The annual Senior Experts Dialogue on Science, Technology and the African Transformation Agenda continued in South Africa last Thursday with participants agreeing on the need for local government leaders across the continent to ramp up investment in technology and innovation to drive growth in cities, particularly at municipal level.
African innovators attending the SED 2016 believe that innovation needs to start at municipal level where governments engage directly with communities.
“It is good to talk about hubs of innovation in cities but hubs of innovation in dysfunctional cities will not work,” said Stellenbosch University’s Professor Mark Swilling.
He said from a governance point of view, most cities in Africa were dysfunctional with congestion, energy, water cuts and related issues that could hamper the progress being sought after.
“But from a people point of view, we have extraordinary abilities so the key to survival in African cities is how we learn and learn and re-learn in the blink of an eye to adjust, shift, take an opportunity and innovate. Africa has the extra-ordinary capacity for innovation but we have to love ourselves, our culture and capacity first rather than look elsewhere because we can do this,” said Mr. Swilling.
SED 2016 seeks to identify key elements and issues, based on local experiences, that African governments, along with their international development partners, can take into account in formulating action plans to turn their cities from manufacturing and trade hubs into innovation hubs and centres.
Participants emphasised the need for increased development of infrastructure for information communication technology (ICT) in order to empower the continent’s millions of young people.
While the world embraces the Internet of Things, African youth cannot be left behind, they agreed with Gideon Adogbo, Advisor and Special Assistant in the Office of the Head of Civil Service of the Nigerian Presidency, telling experts and representatives of member states attending the SED that without investing in the youth, Africa will lag behind in the ICT arena.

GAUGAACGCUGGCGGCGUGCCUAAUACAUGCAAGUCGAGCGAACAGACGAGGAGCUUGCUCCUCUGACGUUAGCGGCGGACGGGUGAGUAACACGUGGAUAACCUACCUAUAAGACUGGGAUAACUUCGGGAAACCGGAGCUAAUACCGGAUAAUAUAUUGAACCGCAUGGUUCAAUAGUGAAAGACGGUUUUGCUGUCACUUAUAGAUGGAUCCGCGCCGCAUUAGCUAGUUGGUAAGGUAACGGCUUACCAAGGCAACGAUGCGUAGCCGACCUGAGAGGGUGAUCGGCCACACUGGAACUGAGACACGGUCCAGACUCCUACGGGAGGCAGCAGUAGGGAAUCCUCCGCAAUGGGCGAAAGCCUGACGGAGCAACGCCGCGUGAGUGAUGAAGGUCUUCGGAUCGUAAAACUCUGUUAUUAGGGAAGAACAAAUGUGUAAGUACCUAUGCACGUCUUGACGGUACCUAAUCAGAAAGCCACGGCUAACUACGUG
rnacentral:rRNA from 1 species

“Innovation must be turned into money or should help cities save money,” he said, adding over 152 million Nigerians were connected to the internet through their GSM phones creating huge opportunities for innovators.
Speaker Jonathan Muringani said African cities should be proactive in having the right policies that give innovators direction.
“Beyond a policy perspective, cities must move towards a management perspective and say how do we go about it and the how goes beyond just writing and talking about it into doing, identifying challenges that must be addressed, identifying needs of the citizens but also involving citizens in the process of innovation,” Muringani said.
Innovation, he said, should be sustainable, inclusive, ethical, responsive and futuristic, aiming to improve the quality of lives of the ordinary people otherwise it would not be worth it.
SED 2016 is expected to produce a policymaker’s guide and recommendations for consideration and adoption by African governments, their development partners and the private sector; a research and analytical report on “Cities as Hubs of Innovation in Africa” and policy briefs and working papers on STI on the continent.
SED, an initiative of the ECA, is being hosted by the Department of Science and Technology in South Africa. The initiative is designed to support Member States to harness STI to drive their economies
Experts from 21 African countries are attending the SED 2016. South African metros such as the Cities of Tshwane, Johannesburg and Cape Town are also attending.